It was cool to finally see what heli-skiing was all about and observe the guides who appeared to be operating very efficiently. I had a lot of fun, and am super thankful to my wonderful wife for the amazing gift! It was also very fast paced and a little overwhelming, perhaps I could grow accostomed to this, but I think that I still personally prefer having more time to enjoy the scenery, and saving the use of aircraft as an aid for a multi-day ski tour or expedition, such as a bump up the Fox or Tasman Glaciers in New Zealand or a flight to a remote area, where the cost (both in dollars and environmentally) is slightly more justified. All that being said, it was an amazing day, and I would have difficulty saying that a visitor to Kamchatka should altogether avoid heli-skiing there.
At the Pub
One evening I joined Anya and a group of her tourists at the pub, here I met Matthias, a friendly German fellow who was staying in Kamchatka, travelling in Eastern Russia, after having finished his teaching job, and having his visa prolonged due to COVID by decree of Mr Putin. We were both assailed by a rather drunk woman, who subsequently stole the tourist group's jagermeister bottle and was dragged out by security, hanging onto the door with her fingernails! We kept in touch with Matthias and went to visit him at the apartment where he was staying soon afterwards.
Our friend Alexei Belousov had been busy working as a heli-ski guide for Snow Valley, and I had been thoroughly looking forward to going on another trip with him after our fantastic adventure on Kozelsky together the previous season. I was very excited when he invited Anya and I to join him on a trip to Ganaly. This was a place that I had been longing to visit since the day I had first researched skiing in Kamchatka, for reasons that will be clearly evident in the photographs, the terrain is spectacular, especially "The Finger" feature, a spire of rock which sticks out at an unnatural angle.
Alexei picked me up from our apartment in his car, with him was Misha, and Misha's dog. On the road we met with Dima and Yevgeny, they had a snow mobile in tow. Parked on the side of the road. Dima and I were towed behind the snow mobile for the first 5 or so kilometers for flat, we then began touring while the snow mobile returned to pick up Alexei and the rest of the luggage.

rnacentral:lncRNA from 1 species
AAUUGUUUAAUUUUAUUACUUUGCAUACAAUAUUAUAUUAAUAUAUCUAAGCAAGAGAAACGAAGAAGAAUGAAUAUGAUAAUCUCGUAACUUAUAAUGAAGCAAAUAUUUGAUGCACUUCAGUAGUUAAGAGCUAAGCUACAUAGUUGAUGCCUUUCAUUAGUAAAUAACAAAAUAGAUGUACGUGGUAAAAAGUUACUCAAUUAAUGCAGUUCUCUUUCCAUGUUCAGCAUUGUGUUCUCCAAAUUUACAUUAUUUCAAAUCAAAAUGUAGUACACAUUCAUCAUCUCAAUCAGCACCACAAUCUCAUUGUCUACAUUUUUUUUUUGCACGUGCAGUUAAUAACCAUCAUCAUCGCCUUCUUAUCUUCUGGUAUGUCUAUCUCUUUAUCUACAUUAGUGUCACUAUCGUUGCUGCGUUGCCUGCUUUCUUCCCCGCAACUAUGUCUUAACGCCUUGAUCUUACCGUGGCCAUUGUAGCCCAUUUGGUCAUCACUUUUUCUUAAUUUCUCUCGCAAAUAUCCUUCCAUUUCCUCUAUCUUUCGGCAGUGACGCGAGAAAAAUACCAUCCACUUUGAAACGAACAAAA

While we were touring we got a message on the radio that misadventure had befallen the other party, the snow was now too soft and Alexei's ski had snapped during a trailer roll-over. It was at about this point that Dima and Misha's dogs began fighting, with blood pouring out on the snow, this trip was not off to a good start! Dima who was to be making a video about the trip documented every second of drama on his gopro, much to my amusement. We dropped our packs and returned to meet the others. Alexei was in good spirits despite the loss of a ski. Yevgeny had decided to return to the city with his snow mobile due to the snow conditions, however Alexei was able to take his skis and boots, the boots did not fit very well but he managed to put them on, and we were able to continue the trip. Everyone had brought extra stuff due to the reliance on the snow mobile, requiring a repack!
As we neared the corner of the valley with the turn to Ganaly we observed bear footprints, the first time I had seen them in the snow. We were making slow progress, it was clear that the boots did not fit Alexei very well, but he was bravely soldiering on. Sunset came and we found a campsite not far from the beautiful ridgeline. It was immediately obvious which line I wanted to ski, to the right of the finger is a stunning couloir that snakes its way down right from the top, consistently steep, with a great looking saddle with a view to the other side at the top.
The next morning Misha, Alexei and I decided that we would climb the aforementioned couloir, Dima would stand and take photos/video from afar with a long lens. We weren't in a big hurry because the snow surface was frozen solid, and it would be some time before the couloir would melt out. Soon we were in crampon territory, the steepest (about 50 degrees) most technical part of the constriction was uneven and very icy as we passed it, this made me a bit nervous about the descent.
Misha and I created a nice sheletered lunch spot on the saddle while we waited in the sun for Alexei to punch on up. We munched on cheese and Salo, while the snow slowly melted. I contemplated the descent, I was expecting the most difficult section to remain in the shade, the high consequences of the terrain was giving me second thoughts. I was the first to start on skis, something just wasn't feeling right and after tentatively descending about 20m I decided to switch over to crampons. I was feeling a little bummed about not skiing, but a few seconds later I watched Misha's snowboard slip out from under him and he performed a quick self arrest. Obviously the snow at this extreme slope angle was just on the edge of being safe, and I didn't feel so bad about my decision to downclimb the top section.